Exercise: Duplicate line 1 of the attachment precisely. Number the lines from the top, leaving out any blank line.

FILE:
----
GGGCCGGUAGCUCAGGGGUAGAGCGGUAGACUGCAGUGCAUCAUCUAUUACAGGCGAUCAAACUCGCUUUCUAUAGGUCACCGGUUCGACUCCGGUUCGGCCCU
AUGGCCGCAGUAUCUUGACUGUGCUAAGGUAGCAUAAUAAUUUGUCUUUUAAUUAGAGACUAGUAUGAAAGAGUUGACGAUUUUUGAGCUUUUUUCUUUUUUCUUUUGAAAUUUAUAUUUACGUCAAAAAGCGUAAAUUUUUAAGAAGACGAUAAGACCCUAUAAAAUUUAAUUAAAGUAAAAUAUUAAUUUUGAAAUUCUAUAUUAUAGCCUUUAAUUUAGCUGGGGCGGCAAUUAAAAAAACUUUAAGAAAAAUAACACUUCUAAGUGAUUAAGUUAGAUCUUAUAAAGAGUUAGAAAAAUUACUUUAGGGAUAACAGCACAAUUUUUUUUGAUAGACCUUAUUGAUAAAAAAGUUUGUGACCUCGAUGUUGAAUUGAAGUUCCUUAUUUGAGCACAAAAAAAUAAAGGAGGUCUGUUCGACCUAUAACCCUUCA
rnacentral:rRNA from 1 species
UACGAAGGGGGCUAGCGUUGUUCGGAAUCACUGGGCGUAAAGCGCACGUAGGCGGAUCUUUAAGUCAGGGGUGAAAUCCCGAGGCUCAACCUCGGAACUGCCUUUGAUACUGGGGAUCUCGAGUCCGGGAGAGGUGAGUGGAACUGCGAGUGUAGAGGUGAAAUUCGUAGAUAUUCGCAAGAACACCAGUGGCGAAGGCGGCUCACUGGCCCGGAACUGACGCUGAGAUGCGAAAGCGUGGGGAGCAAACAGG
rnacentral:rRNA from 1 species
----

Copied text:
GGGCCGGUAGCUCAGGGGUAGAGCGGUAGACUGCAGUGCAUCAUCUAUUACAGGCGAUCAAACUCGCUUUCUAUAGGUCACCGGUUCGACUCCGGUUCGGCCCU